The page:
On numerous occasions, we have covered Senate Bill 190: Ending Juvenile Administrative Fees (SB-190), a piece of legislation that abolished entire categories of monetary sanctions in the juvenile legal system and a subset of fees for young people in the adult legal system. Signed into law by former Governor Jerry Brown in 2017, the landmark law went into effect on January 1, 2018.
SB-190 has several facets that are meant to take some of the financial burden off young people who are in legal trouble and their families. The bipartisan legislation prohibits California counties from charging fees to parents and guardians for their child’s:
- Representation by Counsel
- Electronic Monitoring
- Probation Supervision
- Drug Testing
The bill also removed each county’s authority to charge young people, ages 18–21, in the adult system for home detention, electronic monitoring, and drug testing. Senators Holly J. Mitchell and Ricardo Lara wrote SB 190 to:
“eliminate a source of financial harm to some of the state’s most vulnerable families, support the reentry of youth back into their homes and communities, and reduce the likelihood that youth will recidivate.”
Failure to Comply with SB-190
The Berkeley Law Policy Advocacy Clinic conducted a study on behalf of the Western Center on Law & Poverty to give a status report on the implementation of SB-190, according to The Crime Report. Study co-authors Stephanie Campos-Bui and Jess Bartholow identified 22 counties in violation of law by continuing to charge fees, demand past fees, and bill families through the child support system.
While the revelation is concerning, the status report did have some positive findings. SB-190 did not waive previously assessed fees; however, the authors write that “36 counties voluntarily discharged or stopped collecting them, relieving hundreds of thousands of families of more than $237 million.”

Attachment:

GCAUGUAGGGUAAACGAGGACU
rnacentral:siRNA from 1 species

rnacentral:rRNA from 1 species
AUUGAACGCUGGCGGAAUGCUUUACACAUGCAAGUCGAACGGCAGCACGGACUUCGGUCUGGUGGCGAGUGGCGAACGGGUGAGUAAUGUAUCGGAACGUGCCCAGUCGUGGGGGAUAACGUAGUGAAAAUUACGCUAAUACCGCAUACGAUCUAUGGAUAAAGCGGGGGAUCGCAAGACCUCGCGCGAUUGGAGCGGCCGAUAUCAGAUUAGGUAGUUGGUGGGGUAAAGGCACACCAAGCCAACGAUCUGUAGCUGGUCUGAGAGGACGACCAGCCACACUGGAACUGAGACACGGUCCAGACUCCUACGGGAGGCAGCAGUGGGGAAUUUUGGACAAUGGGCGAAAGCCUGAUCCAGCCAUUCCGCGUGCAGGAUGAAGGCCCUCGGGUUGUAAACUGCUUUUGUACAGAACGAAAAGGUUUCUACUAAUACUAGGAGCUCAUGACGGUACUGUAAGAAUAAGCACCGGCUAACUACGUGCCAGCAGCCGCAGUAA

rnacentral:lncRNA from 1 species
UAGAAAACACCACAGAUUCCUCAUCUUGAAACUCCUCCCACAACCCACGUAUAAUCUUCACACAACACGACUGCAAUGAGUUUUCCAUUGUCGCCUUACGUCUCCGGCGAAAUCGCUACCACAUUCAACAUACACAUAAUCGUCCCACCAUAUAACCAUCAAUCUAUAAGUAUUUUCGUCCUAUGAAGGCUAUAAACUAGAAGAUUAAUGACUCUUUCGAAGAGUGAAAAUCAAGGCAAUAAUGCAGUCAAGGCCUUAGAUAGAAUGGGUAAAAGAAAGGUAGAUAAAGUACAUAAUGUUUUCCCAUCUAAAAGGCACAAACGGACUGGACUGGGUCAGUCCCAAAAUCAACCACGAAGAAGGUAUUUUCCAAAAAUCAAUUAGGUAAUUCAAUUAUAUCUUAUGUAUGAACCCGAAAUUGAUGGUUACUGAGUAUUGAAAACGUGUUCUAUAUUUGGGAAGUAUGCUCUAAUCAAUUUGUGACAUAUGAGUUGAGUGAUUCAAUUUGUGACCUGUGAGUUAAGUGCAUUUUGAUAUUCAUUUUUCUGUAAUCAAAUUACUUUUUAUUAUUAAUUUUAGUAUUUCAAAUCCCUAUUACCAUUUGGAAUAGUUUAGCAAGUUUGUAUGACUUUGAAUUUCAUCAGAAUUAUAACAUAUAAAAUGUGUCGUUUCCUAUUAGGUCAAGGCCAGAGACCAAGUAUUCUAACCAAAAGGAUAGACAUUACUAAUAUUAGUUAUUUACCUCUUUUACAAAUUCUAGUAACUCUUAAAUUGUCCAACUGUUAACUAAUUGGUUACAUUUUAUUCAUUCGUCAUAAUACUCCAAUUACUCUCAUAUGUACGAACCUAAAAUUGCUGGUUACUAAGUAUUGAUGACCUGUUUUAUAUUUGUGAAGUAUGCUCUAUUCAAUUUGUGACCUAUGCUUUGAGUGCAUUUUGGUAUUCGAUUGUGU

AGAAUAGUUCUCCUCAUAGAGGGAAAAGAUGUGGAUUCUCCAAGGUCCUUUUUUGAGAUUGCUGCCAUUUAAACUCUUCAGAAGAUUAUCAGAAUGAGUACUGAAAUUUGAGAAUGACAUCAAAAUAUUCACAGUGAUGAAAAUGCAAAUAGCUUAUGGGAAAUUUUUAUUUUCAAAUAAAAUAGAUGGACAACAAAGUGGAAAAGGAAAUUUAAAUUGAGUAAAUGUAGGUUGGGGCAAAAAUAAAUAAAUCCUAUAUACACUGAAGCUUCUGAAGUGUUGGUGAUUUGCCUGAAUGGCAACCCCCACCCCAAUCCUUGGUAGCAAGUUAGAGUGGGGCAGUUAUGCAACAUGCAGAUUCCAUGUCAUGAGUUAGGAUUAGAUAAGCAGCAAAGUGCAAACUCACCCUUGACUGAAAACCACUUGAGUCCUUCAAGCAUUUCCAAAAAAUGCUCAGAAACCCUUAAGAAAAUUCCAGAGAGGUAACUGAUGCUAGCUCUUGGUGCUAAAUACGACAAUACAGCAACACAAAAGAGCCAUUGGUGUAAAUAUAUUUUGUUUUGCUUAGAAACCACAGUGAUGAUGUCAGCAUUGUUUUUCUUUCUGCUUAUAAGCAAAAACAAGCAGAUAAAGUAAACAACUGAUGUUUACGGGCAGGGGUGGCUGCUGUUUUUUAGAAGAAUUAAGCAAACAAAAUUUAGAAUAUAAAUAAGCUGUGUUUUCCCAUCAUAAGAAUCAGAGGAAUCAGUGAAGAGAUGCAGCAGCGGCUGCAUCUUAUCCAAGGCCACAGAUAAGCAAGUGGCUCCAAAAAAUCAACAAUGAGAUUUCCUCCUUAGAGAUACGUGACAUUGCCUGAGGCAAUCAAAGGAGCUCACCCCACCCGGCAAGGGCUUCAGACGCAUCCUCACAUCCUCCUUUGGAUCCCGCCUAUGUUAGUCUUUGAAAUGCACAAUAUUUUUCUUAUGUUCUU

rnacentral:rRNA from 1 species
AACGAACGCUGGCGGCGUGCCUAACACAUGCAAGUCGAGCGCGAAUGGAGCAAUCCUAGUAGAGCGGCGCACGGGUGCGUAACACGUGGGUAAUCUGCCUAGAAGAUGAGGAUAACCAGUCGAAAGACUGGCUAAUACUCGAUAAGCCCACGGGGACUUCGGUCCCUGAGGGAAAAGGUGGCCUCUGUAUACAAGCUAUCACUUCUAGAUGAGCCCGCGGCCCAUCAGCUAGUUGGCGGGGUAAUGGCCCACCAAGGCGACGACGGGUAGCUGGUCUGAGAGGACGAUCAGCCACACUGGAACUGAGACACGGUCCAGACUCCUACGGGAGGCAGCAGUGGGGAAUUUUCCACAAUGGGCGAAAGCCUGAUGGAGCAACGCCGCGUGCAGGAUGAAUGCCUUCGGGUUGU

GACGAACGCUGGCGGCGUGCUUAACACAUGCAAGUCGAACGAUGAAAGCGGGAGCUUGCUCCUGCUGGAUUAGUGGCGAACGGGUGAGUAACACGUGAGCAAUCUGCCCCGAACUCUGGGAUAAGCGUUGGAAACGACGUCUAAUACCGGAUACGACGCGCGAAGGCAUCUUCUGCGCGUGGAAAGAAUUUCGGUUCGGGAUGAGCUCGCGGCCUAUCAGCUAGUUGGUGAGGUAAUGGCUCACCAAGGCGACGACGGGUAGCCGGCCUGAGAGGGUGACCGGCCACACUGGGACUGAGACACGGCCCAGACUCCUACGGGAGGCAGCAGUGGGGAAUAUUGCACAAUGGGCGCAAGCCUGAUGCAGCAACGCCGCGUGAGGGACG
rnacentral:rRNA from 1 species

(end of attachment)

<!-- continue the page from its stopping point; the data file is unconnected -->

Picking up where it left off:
The report indicates that the bill provided California families with hundreds of millions of dollars in relief. Before SB-190 went into effect, “families with youth in the juvenile legal system had more than $374 million in outstanding fee assessments.”
Researchers identified the worst offenders still pursuing legal fees from families with youths in the juvenile legal system. The five counties failing to comply the most are:
- San Diego
The study authors recommend that counties stop assessing all SB 190-prohibited fees through child support orders and to young people ages 18–21 in criminal court; counties should voluntarily stop collecting and discharge all previously assessed SB; counties should notify young people and families of all SB 190 fee relief and update all SB 190-related internal- and external-facing fee materials.
On the state level, The Berkeley Law Policy Advocacy Clinic recommends that the California Department of Social Services require local child support agencies to comply with SB 190. They add that the California Legislature and Governor should enact new legislation that waives all previously assessed fees.
California Juvenile Law Attorney
Attorney Katie Walsh has extensive experience in the juvenile legal system and previously worked as a prosecutor; she is in a unique position to advocate for your family and help your child achieve the best possible outcome in his or her case. Please contact The Law Offices of Katie Walsh today for a free consultation.